How do you think this will change the world?

This will be the tool that will enable collaboration among countries — without removing any one nation’s sovereignty or making any nation dependent on any other.

Keeping “Black Mirror” and the “Law of Unintended Consequences” in mind, can you see any potential drawbacks about this idea that people should think more deeply about?

This isn’t applicable to our idea so much, but one thing in general we as a society should think about is the power of data combined with modern data analytics. Today companies and governments are able to learn so much about us that they can then effectively predict — and then control — what we think. Today’s digital environment allows companies to track us online and offline, learn our behaviors and habits, start to predict our activities — and then by controlling the content we are exposed to, can start controlling our thinking.

Was there a “tipping point” that led you to this idea? Can you tell us that story?

Early on in the pandemic, there was simply a lack of clarity on the current state of the pandemic, the transmissibility and virility of COVID-19, and most importantly, on how best to respond. There was no authoritative and reliable source of such information or guidance. This was partly due to the fact that the Coronavirus was novel and such information simply didn’t exist, and partly due to political factors.

But this was also due to the lack of a transparent, global platform that could collect data, freely share data, analyze data, provide guidance, and allow anyone to see and validate for that analysis and guidance for themselves.

We realized early on that this is a solution the world simply needs.

Essentially, the road to agreement should foster disagreement.

What do you need to lead this idea to widespread adoption?

More wonderful press coverage like this.

Seriously, in our conversations with global public health officials, there is always buy-in and concurrence with our idea and our technical approach. We need more opportunities to expose people to what we are doing. As more people hear our idea, we see it catch on, and we are confident it will catch on globally.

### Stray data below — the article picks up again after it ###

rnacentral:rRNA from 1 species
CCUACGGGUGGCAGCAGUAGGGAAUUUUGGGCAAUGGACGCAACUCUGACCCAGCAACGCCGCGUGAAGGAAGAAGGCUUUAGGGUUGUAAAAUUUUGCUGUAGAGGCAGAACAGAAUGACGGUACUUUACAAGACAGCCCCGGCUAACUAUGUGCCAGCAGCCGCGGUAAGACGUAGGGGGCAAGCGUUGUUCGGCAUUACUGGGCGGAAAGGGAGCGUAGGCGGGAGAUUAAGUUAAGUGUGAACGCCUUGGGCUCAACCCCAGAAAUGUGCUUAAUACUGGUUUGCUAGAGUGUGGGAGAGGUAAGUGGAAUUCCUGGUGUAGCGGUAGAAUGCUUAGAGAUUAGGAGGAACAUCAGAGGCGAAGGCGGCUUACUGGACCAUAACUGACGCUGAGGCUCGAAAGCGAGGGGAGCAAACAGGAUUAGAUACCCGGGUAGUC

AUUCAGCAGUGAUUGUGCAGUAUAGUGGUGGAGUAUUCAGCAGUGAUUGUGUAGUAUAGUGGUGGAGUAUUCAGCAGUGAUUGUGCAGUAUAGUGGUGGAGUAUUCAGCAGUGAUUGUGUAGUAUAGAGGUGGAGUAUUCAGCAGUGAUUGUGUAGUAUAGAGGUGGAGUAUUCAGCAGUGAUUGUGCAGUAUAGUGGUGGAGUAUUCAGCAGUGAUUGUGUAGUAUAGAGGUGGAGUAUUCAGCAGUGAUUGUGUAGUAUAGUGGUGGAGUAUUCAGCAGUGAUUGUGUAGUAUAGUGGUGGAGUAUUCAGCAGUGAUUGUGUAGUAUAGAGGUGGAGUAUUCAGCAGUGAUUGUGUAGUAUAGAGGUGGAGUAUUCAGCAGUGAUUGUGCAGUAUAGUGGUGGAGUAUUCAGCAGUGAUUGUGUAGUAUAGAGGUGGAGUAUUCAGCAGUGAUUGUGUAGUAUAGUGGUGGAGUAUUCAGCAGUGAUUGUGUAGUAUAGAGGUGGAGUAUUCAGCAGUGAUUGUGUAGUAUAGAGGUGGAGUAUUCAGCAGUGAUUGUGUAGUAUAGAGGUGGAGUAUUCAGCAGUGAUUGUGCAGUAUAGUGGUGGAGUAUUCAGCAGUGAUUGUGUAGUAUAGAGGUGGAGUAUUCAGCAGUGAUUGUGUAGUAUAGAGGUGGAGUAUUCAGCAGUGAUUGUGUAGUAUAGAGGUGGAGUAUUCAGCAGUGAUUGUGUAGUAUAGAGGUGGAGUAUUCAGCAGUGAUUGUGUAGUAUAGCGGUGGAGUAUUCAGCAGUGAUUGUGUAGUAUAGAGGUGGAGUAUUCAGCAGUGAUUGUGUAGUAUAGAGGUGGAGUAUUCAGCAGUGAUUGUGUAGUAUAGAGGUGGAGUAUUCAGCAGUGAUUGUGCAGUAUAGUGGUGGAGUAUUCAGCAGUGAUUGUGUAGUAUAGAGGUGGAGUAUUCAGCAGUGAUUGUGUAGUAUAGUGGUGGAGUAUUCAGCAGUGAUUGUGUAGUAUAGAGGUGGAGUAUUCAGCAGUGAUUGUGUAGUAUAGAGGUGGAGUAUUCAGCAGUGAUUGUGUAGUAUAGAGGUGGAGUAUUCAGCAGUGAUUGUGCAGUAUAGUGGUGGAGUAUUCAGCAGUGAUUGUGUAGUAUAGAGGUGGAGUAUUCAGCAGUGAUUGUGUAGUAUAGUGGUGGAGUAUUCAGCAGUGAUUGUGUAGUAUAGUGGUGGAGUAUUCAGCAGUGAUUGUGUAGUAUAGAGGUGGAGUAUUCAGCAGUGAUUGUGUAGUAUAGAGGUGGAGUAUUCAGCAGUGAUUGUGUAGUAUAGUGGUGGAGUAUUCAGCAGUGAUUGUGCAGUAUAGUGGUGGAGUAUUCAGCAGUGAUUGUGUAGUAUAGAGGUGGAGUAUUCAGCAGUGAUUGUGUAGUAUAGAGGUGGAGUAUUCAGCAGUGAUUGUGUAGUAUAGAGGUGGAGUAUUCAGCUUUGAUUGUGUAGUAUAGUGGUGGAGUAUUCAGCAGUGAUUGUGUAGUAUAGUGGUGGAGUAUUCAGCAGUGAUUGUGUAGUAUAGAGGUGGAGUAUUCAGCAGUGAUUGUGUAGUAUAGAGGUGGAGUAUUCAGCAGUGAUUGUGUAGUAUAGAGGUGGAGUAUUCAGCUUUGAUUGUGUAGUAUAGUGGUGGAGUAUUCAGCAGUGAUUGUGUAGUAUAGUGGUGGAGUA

What are your “5 Things I Wish Someone Told Me Before I Started” and why. (Please share a story or example for each.)

  1. There is a lot of good advice around — and I do mean lots of GOOD advice. Sometimes you have to be selective in what you actually take. For instance, when we first started to build a pitch deck we heard from a lot of friends who had successfully been through the process on what content to include in a pitch deck. And we put everything in. Before we knew it, we had over 40 slides in our deck. There was no way anyone was going to read that. We had to learn how to be selective in the advice we take.
  2. Limit how you use consultants. It may cost more to hire people, but it typically works out better in the long term & is more valued by investors. Employees are hard to find and retain, but the in-house capabilities and skills gained by building your team and doing things yourselves is well worth the added cost.
  3. Fail Fast. No one likes to fail — especially with any venture into which we put our hopes and dreams. One thing we’ve learned is that the loss from failure is actually less than the loss from inaction — because by not doing anything and by being too slow, you don’t learn anything. So, Fail, Learn, Pivot, and Try try again.
  4. Discovery. It’s key to research the market when launching a new product or service. We learned only recently that one way to do this research is simply by calling professionals in the field to ask for their insights. Okay, it’s not “simple”, you do have to identify individuals first, you have to be focused on what you want to ask them, what you want to learn, and you have to get people to talk to you. But it is more cost-effective than hiring market research consultants.
  5. Listen. It can become easy to think we know what our potential customers want. We’re doing market research, we may come from the industry, we’re building the technology — but that doesn’t mean we really know another person’s true pain. So listen. Whether in casual conversations or sales presentations with a customer — stop talking (hard for me, I’ve been told) and listen.

Can you share with our readers what you think are the most important “success habits” or “success mindsets”?

Believe in yourself. You are the greatest You the world has ever seen.

Some very well known VCs read this column. If you had 60 seconds to make a pitch to a VC, what would you say? He or she might just see this if we tag them 🙂

Because we can stop pandemics before they occur, HSR.health represents the greatest Impact Investment opportunity of all time. At the same time, our Platform, leveraging blockchain, AI, and geospatial tech, will enjoy near endless revenue opportunities through offering health risk analytics to industry.

How can our readers follow you on social media?

My personal profile: linkedin.com/in/ajayguptacissp

HSR.health on LinkedIn: https://www.linkedin.com/company/health-solutions-research-inc-

Thank you so much for joining us. This was very inspirational.